Setting high standards is imperative in business. From the quality of goods or services you provide to the way your workers conduct themselves, to the appeal of your marketing material, you can’t afford to settle for second best. But how exactly should you go about setting standards for your organization? In this blog, we take a look at some expert tips offered during a skills-sharing event hosted by wolfwinner.com that gave entrepreneurs and business owners the chance to swap strategies and promote best practices.
Ask yourself what your company stands for
Addressing a breakout session at the meeting, Simon Murphy, a successful entrepreneur in the Appco Group network, stated that in business you have to continually ask yourself what you stand for and you must ensure that other people know what your standards are. According to the businessman, doing this will help you to create a company culture that enables you to attract like-minded people.
So, if you don’t have a clearly defined concept of the purpose and ethos of your business, it’s well worth spending time nailing this down.
Challenge yourself to be good enough to work with the best
Offering advice on recruitment, Mr. Murphy said you shouldn’t just think of this process as being about trying to find the people you want for your company; instead, you should take the opportunity to challenge your business to be good enough to work with the best personnel.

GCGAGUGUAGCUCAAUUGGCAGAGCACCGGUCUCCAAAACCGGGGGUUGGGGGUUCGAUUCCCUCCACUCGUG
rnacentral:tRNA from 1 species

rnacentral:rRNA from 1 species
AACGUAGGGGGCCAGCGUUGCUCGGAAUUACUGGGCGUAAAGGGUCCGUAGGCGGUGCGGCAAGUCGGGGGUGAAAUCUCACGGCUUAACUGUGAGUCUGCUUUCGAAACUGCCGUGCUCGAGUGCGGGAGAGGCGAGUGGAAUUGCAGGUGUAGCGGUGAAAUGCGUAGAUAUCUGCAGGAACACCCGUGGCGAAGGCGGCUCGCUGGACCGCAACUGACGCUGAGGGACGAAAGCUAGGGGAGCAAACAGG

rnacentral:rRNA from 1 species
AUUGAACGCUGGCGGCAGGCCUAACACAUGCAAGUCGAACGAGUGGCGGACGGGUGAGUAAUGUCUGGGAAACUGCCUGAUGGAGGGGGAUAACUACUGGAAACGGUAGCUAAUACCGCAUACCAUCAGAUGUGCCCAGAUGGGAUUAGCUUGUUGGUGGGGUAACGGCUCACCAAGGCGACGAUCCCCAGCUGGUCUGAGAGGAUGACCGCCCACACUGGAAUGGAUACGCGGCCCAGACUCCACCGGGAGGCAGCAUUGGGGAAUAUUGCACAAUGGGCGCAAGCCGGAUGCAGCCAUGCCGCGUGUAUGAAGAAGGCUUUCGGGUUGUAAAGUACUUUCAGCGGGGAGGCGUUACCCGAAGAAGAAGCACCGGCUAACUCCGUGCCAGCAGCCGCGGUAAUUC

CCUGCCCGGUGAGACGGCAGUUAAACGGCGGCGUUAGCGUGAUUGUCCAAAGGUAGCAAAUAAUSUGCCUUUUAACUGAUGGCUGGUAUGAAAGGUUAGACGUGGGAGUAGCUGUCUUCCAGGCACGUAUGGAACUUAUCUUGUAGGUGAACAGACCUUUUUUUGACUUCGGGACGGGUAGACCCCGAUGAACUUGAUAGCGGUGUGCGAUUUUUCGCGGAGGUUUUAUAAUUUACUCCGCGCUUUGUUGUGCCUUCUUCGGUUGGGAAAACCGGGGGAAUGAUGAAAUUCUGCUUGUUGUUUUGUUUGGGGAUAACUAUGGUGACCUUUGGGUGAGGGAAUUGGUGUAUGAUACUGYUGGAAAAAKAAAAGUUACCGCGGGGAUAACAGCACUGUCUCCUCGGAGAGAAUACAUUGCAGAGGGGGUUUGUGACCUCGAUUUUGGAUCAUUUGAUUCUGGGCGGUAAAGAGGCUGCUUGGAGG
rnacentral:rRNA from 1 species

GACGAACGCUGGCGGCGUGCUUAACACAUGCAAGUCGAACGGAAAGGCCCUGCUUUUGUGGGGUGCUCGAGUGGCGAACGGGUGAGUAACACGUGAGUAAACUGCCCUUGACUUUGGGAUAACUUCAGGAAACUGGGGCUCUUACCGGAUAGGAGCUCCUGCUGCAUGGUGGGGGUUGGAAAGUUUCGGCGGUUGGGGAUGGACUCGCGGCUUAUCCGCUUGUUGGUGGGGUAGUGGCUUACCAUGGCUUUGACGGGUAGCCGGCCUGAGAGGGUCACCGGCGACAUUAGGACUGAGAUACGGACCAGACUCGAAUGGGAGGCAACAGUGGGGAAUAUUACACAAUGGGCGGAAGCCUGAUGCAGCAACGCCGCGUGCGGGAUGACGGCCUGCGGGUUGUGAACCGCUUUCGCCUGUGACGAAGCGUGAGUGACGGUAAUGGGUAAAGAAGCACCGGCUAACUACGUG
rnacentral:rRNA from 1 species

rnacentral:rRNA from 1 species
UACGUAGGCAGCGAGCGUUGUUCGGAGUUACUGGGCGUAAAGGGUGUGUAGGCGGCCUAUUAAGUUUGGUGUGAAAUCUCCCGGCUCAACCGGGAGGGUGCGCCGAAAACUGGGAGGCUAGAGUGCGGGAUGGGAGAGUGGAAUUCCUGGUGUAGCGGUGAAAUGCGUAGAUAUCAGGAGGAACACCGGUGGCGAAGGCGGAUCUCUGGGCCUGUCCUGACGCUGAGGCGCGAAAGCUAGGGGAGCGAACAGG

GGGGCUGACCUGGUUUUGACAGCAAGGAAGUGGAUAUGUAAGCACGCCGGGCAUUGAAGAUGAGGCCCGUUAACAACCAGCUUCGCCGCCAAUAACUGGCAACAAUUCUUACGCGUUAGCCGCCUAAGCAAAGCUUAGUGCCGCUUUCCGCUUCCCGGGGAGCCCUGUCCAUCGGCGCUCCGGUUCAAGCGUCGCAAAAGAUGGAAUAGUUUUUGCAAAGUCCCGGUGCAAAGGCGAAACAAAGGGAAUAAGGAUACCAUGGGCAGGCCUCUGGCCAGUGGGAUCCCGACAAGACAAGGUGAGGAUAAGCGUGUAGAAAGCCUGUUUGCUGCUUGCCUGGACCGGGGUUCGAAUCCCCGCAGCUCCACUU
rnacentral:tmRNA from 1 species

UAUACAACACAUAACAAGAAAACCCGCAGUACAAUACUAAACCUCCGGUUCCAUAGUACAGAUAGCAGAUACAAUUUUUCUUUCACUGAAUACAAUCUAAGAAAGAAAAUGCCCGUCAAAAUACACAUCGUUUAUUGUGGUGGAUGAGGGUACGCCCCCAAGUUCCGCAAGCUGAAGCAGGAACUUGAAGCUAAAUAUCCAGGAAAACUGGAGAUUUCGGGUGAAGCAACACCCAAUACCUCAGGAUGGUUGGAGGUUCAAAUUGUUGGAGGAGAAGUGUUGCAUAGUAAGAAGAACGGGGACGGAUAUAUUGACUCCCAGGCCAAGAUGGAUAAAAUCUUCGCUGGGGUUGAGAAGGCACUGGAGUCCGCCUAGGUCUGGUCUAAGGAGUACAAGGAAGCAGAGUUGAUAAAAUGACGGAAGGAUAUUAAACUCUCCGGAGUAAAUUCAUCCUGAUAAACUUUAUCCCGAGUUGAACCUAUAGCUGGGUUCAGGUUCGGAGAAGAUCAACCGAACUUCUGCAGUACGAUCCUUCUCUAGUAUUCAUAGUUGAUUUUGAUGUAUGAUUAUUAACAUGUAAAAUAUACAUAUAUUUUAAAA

This aspirational approach could give you a sharper focus on maintaining and improving standards within your organization. It could also increase your chances of collaborating with the most talented individuals within your industry.
Ensure everyone in your team is an effective ambassador
Another of those to speak at the Appco-hosted event was Formula 1 expert Mike Gallagher. He drew attention to the importance of making sure everyone associated with your company is an effective ambassador for it. To achieve this, he said it is important to talk about your standards on an ongoing basis and to create something that people believe in and really want to be part of.
Providing an example of how things can go wrong, he recalled an incident when a truck driver accidentally told one of his team’s major sponsors that the management was in disarray. Incidents like this emphasize the need for everyone, from managers to contractors, to adopt the standards you set for your company.